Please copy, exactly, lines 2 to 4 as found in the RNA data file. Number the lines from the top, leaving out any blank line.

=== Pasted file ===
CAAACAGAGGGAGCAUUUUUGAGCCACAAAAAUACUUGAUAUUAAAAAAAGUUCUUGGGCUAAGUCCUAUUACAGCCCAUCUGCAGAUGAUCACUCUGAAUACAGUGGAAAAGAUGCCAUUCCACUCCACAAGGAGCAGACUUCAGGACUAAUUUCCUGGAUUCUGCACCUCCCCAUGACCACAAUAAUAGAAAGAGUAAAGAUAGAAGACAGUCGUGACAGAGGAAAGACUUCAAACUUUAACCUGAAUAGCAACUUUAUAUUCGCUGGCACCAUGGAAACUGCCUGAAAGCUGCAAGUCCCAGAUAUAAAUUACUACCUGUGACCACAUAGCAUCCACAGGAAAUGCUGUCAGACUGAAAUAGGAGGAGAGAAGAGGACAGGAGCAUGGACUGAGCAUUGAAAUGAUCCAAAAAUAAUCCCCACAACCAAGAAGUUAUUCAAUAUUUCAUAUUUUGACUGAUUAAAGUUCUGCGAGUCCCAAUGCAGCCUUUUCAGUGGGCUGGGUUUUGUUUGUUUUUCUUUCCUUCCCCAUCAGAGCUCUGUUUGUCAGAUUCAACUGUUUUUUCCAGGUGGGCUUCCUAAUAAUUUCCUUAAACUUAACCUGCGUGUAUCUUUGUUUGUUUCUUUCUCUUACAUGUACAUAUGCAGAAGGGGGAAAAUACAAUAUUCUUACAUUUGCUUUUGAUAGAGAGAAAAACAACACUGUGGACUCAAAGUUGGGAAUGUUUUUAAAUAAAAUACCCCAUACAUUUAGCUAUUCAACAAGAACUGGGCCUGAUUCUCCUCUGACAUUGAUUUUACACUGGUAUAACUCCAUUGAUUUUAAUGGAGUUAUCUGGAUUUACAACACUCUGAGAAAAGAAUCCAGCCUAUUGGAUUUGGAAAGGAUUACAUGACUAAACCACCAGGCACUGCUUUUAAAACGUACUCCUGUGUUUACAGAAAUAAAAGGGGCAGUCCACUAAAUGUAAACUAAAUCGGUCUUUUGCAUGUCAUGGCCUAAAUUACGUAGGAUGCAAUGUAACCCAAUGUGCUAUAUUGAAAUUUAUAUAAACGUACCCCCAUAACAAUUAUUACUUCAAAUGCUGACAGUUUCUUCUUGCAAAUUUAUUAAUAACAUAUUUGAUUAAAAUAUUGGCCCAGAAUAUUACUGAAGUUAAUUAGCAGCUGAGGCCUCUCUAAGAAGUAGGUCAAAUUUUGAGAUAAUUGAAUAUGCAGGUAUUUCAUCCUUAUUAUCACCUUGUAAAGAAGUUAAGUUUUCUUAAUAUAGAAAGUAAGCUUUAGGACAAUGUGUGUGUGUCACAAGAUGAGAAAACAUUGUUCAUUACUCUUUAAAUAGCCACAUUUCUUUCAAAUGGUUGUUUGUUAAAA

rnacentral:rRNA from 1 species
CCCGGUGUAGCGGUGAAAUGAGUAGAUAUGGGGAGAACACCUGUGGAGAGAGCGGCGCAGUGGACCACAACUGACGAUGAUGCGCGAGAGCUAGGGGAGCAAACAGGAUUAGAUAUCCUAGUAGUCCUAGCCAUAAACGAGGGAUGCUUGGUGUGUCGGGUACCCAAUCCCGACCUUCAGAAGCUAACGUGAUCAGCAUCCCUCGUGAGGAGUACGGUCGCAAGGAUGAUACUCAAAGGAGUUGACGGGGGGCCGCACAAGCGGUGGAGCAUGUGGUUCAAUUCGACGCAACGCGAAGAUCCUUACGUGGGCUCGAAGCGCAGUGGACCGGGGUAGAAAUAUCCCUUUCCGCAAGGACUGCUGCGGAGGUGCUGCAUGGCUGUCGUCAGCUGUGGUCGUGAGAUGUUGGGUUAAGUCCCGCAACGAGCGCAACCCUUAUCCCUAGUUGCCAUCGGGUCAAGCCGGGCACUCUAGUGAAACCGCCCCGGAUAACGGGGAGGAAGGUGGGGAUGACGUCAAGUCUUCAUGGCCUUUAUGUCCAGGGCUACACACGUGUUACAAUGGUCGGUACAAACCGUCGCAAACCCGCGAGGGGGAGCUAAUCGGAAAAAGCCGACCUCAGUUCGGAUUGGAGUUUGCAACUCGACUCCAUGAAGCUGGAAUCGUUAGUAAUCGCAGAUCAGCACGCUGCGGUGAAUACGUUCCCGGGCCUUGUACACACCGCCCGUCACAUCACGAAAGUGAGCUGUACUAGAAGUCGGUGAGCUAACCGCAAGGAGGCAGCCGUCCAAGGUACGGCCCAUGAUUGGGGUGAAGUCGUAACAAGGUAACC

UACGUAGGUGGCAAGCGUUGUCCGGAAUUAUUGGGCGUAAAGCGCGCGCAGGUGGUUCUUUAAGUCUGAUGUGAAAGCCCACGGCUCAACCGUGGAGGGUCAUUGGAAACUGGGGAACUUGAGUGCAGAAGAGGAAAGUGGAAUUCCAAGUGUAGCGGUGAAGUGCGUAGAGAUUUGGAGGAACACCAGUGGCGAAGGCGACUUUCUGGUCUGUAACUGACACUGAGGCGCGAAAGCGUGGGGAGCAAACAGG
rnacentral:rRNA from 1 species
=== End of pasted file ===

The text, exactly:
rnacentral:rRNA from 1 species
CCCGGUGUAGCGGUGAAAUGAGUAGAUAUGGGGAGAACACCUGUGGAGAGAGCGGCGCAGUGGACCACAACUGACGAUGAUGCGCGAGAGCUAGGGGAGCAAACAGGAUUAGAUAUCCUAGUAGUCCUAGCCAUAAACGAGGGAUGCUUGGUGUGUCGGGUACCCAAUCCCGACCUUCAGAAGCUAACGUGAUCAGCAUCCCUCGUGAGGAGUACGGUCGCAAGGAUGAUACUCAAAGGAGUUGACGGGGGGCCGCACAAGCGGUGGAGCAUGUGGUUCAAUUCGACGCAACGCGAAGAUCCUUACGUGGGCUCGAAGCGCAGUGGACCGGGGUAGAAAUAUCCCUUUCCGCAAGGACUGCUGCGGAGGUGCUGCAUGGCUGUCGUCAGCUGUGGUCGUGAGAUGUUGGGUUAAGUCCCGCAACGAGCGCAACCCUUAUCCCUAGUUGCCAUCGGGUCAAGCCGGGCACUCUAGUGAAACCGCCCCGGAUAACGGGGAGGAAGGUGGGGAUGACGUCAAGUCUUCAUGGCCUUUAUGUCCAGGGCUACACACGUGUUACAAUGGUCGGUACAAACCGUCGCAAACCCGCGAGGGGGAGCUAAUCGGAAAAAGCCGACCUCAGUUCGGAUUGGAGUUUGCAACUCGACUCCAUGAAGCUGGAAUCGUUAGUAAUCGCAGAUCAGCACGCUGCGGUGAAUACGUUCCCGGGCCUUGUACACACCGCCCGUCACAUCACGAAAGUGAGCUGUACUAGAAGUCGGUGAGCUAACCGCAAGGAGGCAGCCGUCCAAGGUACGGCCCAUGAUUGGGGUGAAGUCGUAACAAGGUAACC

UACGUAGGUGGCAAGCGUUGUCCGGAAUUAUUGGGCGUAAAGCGCGCGCAGGUGGUUCUUUAAGUCUGAUGUGAAAGCCCACGGCUCAACCGUGGAGGGUCAUUGGAAACUGGGGAACUUGAGUGCAGAAGAGGAAAGUGGAAUUCCAAGUGUAGCGGUGAAGUGCGUAGAGAUUUGGAGGAACACCAGUGGCGAAGGCGACUUUCUGGUCUGUAACUGACACUGAGGCGCGAAAGCGUGGGGAGCAAACAGG